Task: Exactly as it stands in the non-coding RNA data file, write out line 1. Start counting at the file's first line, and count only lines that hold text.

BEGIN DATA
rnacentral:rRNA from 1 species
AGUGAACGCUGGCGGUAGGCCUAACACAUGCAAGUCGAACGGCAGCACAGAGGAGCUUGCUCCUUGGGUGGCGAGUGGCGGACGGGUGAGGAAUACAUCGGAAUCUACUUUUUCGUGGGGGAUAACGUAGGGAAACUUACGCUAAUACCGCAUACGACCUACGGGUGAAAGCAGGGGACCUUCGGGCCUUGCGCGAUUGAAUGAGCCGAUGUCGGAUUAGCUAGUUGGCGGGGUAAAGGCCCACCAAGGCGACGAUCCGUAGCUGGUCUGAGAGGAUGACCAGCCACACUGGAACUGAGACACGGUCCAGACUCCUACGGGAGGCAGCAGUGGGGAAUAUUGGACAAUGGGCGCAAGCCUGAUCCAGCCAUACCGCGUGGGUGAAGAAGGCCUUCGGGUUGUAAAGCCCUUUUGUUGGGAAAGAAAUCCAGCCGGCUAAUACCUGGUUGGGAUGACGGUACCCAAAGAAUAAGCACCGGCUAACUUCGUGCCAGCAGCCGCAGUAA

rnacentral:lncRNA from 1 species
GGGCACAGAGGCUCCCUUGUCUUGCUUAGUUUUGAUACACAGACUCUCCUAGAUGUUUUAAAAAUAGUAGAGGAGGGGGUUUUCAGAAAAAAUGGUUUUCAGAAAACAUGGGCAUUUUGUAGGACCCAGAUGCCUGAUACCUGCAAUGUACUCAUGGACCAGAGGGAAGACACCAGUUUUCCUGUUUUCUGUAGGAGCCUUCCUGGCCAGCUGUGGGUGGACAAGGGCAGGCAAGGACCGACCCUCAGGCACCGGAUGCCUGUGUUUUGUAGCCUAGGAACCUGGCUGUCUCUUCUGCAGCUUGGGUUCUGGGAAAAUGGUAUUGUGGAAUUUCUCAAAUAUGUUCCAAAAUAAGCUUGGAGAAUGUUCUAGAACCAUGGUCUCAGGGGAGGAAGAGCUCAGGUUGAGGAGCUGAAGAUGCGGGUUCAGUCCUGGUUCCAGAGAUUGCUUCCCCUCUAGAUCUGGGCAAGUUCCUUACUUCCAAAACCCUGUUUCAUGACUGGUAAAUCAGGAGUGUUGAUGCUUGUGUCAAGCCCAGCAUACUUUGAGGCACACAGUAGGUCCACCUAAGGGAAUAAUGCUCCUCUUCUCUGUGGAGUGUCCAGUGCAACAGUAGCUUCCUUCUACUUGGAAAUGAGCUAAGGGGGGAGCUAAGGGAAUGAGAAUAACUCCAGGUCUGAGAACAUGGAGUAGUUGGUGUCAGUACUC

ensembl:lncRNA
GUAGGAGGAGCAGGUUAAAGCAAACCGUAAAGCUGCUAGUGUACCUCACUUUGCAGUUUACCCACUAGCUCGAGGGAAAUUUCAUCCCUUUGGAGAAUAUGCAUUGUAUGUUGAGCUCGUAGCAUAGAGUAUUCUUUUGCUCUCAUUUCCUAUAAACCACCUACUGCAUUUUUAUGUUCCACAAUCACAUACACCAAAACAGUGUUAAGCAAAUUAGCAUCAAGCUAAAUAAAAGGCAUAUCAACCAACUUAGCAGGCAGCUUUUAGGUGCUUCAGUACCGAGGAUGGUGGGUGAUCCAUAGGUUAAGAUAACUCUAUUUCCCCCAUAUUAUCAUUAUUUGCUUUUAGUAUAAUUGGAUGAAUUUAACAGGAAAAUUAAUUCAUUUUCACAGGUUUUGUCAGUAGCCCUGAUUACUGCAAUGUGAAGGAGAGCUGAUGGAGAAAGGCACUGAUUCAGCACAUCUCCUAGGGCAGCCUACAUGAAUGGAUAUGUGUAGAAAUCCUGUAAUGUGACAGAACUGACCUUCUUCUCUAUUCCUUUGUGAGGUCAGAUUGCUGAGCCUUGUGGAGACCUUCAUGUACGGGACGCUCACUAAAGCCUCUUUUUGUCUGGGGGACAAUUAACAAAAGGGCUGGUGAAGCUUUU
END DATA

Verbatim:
rnacentral:rRNA from 1 species